The other advantage older bloggers have is that they tend to have a fairly substantial network of friends, family, and former colleagues to get the word out about their new endeavors. Also, life experience is a huge advantage when it comes to content. While most of us younger bloggers are still learning how to put the pieces of our lives together, retired bloggers can give us perspectives and stories we can only dream of one day sharing.
It really is never too late to start blogging, and it’s so easy nowadays to get started! Also, it’s an awesome hobby, even if you don’t care about actually making money from it. We really love the elder members of the blogging community and we’re always happy to welcome more to our ranks.
For Those of Us Bloggers in the Middle
A lot of us bloggers are twenty-somethings or thirty-somethings trying to make blogging our primary work. Many of us have regular 40-hour or more a week jobs on top of the dozens of hours we dump into networking, promoting, and the blogging itself. Younger and older bloggers definitely have an advantage when it comes to time.
But for those of us in the middle that are turning to making blogging our primary gig, it’s important to realize that blogging is a full-time job in and of itself. If you’re looking to get into the blogging game, realize it’s going to be a 40-hour a week commitment, and often more. And most of that commitment needs to be about building one another up, young, old, and in between.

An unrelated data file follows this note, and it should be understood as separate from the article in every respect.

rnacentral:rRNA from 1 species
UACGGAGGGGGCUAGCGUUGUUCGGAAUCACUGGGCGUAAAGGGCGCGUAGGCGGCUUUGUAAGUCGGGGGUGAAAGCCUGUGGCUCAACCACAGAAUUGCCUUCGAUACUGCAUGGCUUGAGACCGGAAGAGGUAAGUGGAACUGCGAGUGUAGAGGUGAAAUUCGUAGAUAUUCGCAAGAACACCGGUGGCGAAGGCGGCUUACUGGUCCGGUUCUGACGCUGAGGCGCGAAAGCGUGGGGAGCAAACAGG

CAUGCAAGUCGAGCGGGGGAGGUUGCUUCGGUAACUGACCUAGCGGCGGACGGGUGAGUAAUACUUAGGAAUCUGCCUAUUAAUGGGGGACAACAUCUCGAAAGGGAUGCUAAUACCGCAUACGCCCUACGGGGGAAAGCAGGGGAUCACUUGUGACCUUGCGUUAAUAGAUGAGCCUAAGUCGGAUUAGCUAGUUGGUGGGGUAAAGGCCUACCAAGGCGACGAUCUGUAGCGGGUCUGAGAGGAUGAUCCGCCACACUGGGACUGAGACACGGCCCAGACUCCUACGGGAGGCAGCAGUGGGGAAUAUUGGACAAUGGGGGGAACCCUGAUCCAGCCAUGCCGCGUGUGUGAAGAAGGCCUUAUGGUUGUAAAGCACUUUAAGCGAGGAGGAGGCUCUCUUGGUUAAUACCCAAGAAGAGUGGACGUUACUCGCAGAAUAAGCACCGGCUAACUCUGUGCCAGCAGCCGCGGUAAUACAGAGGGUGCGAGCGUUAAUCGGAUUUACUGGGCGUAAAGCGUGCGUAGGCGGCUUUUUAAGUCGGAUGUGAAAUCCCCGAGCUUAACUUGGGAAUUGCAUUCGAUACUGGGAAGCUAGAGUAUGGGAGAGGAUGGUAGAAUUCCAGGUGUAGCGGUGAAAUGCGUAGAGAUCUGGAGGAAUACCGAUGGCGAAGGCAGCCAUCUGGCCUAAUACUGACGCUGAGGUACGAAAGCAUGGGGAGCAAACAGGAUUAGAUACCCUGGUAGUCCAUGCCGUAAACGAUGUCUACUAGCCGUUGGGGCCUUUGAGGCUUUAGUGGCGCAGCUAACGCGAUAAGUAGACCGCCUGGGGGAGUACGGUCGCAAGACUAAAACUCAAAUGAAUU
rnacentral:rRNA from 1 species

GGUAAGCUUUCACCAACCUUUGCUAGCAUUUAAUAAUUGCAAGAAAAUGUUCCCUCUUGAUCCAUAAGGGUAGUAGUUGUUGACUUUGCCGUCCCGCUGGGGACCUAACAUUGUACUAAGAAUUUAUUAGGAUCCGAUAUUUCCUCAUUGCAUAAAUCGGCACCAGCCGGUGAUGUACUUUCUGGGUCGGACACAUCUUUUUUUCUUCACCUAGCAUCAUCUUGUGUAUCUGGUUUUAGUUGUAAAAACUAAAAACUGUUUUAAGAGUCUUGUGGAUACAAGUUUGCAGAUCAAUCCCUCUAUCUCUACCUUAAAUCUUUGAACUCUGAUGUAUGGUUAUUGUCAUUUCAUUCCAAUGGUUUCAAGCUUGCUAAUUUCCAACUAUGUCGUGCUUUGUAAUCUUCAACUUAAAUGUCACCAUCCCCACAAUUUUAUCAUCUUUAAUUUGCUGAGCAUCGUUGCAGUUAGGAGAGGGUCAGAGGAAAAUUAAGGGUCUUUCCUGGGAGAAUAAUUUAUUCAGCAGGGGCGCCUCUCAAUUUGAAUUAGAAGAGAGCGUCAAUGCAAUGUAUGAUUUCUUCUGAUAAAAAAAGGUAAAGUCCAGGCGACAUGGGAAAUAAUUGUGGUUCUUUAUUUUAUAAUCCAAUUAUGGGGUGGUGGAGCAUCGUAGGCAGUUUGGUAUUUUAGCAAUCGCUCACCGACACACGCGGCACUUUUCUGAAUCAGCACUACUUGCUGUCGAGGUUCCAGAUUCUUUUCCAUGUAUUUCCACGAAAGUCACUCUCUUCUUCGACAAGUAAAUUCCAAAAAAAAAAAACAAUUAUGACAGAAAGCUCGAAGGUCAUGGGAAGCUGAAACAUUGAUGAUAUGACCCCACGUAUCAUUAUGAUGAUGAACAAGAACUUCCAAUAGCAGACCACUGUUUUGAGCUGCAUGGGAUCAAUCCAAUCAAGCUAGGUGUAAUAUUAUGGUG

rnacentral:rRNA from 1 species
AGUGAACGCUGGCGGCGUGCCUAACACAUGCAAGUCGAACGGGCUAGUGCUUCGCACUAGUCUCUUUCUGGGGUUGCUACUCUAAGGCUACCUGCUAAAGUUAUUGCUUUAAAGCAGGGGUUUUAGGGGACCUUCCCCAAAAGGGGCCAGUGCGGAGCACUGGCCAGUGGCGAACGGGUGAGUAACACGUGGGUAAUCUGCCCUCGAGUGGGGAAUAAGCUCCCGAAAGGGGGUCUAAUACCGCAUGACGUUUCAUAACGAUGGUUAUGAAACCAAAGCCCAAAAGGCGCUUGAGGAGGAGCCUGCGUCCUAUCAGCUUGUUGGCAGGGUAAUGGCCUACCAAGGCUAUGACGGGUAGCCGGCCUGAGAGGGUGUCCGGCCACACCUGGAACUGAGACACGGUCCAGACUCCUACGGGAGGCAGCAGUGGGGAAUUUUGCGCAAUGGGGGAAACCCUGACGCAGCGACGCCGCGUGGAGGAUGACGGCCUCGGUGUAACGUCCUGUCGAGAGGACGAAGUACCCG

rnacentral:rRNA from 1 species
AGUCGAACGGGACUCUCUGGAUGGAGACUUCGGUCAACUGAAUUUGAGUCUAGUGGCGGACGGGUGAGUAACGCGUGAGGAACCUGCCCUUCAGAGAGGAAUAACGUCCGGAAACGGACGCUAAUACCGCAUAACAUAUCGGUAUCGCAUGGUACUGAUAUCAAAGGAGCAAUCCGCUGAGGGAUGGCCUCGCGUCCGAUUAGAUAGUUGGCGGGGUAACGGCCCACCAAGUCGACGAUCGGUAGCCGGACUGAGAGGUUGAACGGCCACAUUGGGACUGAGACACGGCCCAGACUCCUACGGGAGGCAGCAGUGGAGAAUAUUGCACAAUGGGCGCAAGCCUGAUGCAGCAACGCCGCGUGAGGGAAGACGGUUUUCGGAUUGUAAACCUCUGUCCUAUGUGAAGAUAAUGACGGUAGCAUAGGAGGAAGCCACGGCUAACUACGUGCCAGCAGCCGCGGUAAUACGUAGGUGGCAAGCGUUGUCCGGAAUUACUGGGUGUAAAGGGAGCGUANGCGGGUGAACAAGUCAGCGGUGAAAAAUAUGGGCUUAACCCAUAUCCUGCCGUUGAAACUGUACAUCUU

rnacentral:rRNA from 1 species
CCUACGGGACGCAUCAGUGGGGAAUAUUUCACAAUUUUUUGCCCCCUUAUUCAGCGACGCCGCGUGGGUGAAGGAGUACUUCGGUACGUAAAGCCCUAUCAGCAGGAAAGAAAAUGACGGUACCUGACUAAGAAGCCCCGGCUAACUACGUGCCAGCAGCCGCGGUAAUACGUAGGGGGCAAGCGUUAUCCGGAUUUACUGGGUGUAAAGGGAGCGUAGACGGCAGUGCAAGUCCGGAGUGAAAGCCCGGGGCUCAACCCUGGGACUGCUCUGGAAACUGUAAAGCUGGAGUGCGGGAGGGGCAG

Whether you are looking into blogging full-time, part-time, or just as a hobby, it’s all worth it. But as with anything, you get back what you put into it. Think of blogging as starting your own business. It takes the same blood, sweat, and tears. Even if you aren’t doing it as a business, you still have to treat it like one, even if it’s not-for-profit. In the long run, you may not get rich, but you can definitely make a living from it.
It’s never too early or too late to start blogging!
This post has also appeared at The Prose Machine.
Lyn Lomasi & Richard Rowell are life & business partners. Owners of Brand Shamans & the Write W.A.V.E. Media network, we are your brand healing, soul healing, & content superheroes to the rescue!
Running our network of websites, tackling deadlines single-handedly, and coaching fellow writers, brands, & entrepreneurs to be thought leaders is our top priority.
While rescuing civilians from boring content and brands, we conquer the world, living the RV life and managing our Intent-sive Nature with our awesomely crazy family while recounting The Nova Skye Story, along with Kymani’s Travels.
We also strive to one day cuddle with lions and giraffes. Until then, we’ll settle for furry rescue kitties and doggies.
We support many causes via our business ventures, such as homelessness, support for trans youth, equality, helping starving artists, and more! A portion of all proceeds from Intent-sive Nature goes toward helping homeless pets in local shelters.